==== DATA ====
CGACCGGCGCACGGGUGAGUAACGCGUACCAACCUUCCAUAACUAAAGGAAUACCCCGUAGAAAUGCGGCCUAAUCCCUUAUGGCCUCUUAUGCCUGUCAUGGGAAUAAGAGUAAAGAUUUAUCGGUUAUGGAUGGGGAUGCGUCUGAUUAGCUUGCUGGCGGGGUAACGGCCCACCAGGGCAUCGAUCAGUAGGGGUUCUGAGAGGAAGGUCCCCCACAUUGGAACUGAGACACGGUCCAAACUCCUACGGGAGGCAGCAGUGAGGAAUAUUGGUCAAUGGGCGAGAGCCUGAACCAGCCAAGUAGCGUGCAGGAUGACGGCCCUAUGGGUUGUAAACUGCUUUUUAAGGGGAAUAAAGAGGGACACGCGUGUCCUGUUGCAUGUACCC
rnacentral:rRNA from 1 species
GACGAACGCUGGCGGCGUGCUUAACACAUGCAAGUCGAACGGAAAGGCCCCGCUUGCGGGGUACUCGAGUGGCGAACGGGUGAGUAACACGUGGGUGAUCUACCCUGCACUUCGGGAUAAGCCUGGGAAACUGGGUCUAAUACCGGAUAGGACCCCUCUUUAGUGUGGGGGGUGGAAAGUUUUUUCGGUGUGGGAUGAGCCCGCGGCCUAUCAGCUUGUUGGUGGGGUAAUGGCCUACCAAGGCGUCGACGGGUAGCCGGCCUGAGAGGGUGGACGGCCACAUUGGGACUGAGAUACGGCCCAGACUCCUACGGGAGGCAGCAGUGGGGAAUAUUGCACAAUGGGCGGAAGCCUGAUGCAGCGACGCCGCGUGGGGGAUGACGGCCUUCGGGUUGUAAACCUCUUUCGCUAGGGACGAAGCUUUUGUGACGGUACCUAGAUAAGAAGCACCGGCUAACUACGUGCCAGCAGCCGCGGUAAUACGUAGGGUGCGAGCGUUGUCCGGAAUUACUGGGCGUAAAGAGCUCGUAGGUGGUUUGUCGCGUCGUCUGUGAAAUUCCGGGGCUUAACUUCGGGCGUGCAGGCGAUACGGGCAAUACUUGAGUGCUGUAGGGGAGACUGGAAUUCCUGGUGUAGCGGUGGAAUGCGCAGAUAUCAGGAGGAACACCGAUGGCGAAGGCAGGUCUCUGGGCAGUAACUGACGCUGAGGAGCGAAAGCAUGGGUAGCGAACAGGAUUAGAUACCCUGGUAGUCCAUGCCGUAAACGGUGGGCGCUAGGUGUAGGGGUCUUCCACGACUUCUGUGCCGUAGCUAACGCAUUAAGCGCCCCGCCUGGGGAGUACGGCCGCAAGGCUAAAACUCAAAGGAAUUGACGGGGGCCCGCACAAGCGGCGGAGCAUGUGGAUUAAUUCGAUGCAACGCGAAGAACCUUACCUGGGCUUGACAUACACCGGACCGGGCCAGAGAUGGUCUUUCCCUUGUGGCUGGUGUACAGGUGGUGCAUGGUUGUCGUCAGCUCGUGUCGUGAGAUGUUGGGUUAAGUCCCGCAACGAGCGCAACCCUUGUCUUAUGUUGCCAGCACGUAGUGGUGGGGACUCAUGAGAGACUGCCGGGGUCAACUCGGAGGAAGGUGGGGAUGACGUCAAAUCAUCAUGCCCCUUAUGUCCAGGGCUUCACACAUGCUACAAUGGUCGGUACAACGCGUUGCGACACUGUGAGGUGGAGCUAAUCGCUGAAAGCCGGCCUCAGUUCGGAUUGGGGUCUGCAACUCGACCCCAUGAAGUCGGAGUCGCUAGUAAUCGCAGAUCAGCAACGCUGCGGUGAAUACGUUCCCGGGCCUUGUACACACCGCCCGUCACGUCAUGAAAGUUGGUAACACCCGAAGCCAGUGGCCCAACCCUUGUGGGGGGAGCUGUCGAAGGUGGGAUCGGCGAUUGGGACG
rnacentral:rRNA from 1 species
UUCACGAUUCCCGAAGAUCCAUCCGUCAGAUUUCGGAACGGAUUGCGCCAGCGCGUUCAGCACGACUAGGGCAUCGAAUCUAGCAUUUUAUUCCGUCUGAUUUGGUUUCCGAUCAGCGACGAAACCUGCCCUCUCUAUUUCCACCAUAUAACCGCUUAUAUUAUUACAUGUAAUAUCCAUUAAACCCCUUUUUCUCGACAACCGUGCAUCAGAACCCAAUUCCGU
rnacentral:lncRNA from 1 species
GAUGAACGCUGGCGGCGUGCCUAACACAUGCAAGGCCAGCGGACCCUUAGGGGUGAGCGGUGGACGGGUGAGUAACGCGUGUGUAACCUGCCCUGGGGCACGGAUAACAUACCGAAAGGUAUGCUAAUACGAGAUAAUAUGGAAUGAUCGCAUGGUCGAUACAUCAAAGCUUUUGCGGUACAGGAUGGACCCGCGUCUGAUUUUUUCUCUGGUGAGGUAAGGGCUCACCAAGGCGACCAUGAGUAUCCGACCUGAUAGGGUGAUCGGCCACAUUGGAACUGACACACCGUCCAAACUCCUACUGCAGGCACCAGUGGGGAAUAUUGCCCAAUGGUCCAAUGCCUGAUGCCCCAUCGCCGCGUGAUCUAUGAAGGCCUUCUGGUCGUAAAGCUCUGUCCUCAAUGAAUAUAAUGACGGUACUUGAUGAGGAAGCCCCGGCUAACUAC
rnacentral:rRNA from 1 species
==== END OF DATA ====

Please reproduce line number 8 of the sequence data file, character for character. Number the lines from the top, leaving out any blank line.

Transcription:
rnacentral:rRNA from 1 species